Chris Ngige, the Minister of Labour and Employment, has made it clear that the Federal Government’s proposal on Friday 20 November 2020 to exempt members of the Academic Staff Union of Universities (ASUU) from the Integrated Payroll and Personnel Information System (IPPIS) is a temporary measure. Decision will be made upon the conclusion of integrity test on the University Transparency and Accountability Solution (UTAS).
The minister, who clarified the position of the FG team on the negotiation with ASUU cleared that it was a blatant lie that the government had abandoned the use of IPPIS or that ASUU should not be on the platform as a means of payment.
Today, Saturday 21 November 2020, the minister said, “ I think it is better because a lot of people are quoting us out of context saying that we abandoned the IPPIS and that we said they should not be on IPPIS , it is not true.
“ What we said in the meeting and what we agreed was that in the interim for the transition period that UTAS is being tested by NITDA and the Office of National Security Adviser for cyber security.
“ For that transition period , ASUU members that are not yet on IPPIS will be paid through the platform with which they were paid the President ’s compassionate COVID – 19 payment done to them between the months of February and June.
“ That platform is a hybrid platform between IPPIS and GIFMIS platform ( Government Integrated Financial and Management Information System ) for the transition period. That was what was used , it ’s a hybrid . ”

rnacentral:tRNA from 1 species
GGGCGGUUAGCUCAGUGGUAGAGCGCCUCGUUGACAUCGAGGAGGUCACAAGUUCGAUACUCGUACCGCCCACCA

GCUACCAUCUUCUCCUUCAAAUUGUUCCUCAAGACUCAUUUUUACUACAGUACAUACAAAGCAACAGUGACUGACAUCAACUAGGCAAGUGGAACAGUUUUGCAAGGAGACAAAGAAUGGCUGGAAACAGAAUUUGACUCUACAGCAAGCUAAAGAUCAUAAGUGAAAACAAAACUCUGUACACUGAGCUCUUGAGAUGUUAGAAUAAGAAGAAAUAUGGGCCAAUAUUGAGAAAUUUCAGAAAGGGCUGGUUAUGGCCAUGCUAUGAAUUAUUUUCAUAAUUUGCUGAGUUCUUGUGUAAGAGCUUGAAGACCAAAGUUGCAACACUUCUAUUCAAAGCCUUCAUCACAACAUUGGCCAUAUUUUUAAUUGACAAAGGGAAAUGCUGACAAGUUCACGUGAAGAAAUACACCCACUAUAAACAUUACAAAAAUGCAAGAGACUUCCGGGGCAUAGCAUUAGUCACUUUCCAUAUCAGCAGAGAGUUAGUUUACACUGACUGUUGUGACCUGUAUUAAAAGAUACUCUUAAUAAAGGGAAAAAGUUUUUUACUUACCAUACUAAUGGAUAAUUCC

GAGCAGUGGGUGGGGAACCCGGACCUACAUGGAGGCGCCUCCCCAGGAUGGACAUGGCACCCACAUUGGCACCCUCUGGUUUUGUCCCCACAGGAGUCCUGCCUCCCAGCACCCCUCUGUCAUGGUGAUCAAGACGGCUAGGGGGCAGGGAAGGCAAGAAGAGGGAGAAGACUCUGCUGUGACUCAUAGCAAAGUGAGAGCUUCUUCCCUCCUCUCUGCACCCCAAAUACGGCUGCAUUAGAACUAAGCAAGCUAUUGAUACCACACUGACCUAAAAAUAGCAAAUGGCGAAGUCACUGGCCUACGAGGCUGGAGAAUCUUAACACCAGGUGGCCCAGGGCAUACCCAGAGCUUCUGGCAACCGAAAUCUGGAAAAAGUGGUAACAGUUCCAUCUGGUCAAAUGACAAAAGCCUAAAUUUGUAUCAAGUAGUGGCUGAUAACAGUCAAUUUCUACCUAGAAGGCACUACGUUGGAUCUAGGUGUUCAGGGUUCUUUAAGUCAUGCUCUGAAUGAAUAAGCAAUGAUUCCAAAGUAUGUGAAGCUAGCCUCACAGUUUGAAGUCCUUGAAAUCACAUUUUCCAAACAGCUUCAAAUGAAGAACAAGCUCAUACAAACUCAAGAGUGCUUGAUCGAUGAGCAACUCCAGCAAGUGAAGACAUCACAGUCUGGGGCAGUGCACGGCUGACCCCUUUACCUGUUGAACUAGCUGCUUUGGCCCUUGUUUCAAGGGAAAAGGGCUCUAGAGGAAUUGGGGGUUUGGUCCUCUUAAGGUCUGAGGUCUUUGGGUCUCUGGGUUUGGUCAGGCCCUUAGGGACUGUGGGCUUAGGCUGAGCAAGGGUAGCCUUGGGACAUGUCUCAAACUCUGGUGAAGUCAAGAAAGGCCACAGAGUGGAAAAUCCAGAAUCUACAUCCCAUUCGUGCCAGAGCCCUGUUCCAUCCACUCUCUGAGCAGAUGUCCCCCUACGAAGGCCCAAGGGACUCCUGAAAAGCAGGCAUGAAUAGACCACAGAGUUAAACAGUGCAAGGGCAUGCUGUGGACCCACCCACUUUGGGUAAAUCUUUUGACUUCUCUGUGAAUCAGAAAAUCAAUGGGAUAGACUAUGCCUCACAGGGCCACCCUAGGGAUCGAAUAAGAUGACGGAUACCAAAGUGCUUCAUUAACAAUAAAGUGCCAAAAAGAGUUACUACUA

He gave the reason for settling for that position as no government payment should be done outside the platform of IPPIS.
“ So there is a handshake between IPPIS and GIFMIS platform and that was what was used in paying them for that period and so we are going to continue with that until UTAS undergoes all the integrity test and cyber security test and it is confirmed for use, ” he added.
Speaking on the N65 billion offer reportedly made to ASUU, Ngige said that before the Friday meeting, the government made an aggregate offer of N50 billion to the union.
He said, “ The offer made was clear . You can understand it this way. Prior to meeting of yesterday ( Friday ) , government brought an aggregate offer of N 50 b to ASUU; N 20 b for revitalisation, to show good faith that government is still with them on the issue of funding for revitalisation and pending the affirmation of the new sources of funding public education . There is a committee on that and the committee is working on sourcing new education funds, it is a NEEDS committee.
“ So, pending that NEEDS committee effecting a new funding source and strategy , government offered them N 20 b for revitalisation , apart from the funds that are coming from TETFUNDS that is also used for revitalisation.
“ They refused the N 20 bn and said that they wanted N 110b which was 50 per cent of a tranche of N 220 bn. Government said they didn’t have that kind of money and then increased that N 20 bn by N 5 bn to become N 25 bn and if it becomes N 25 b , the Earned Allowances will be raised to N 40 b immediate payment, making for a total of N 65 billion for revitalisation and Earned Allowances in the universities.”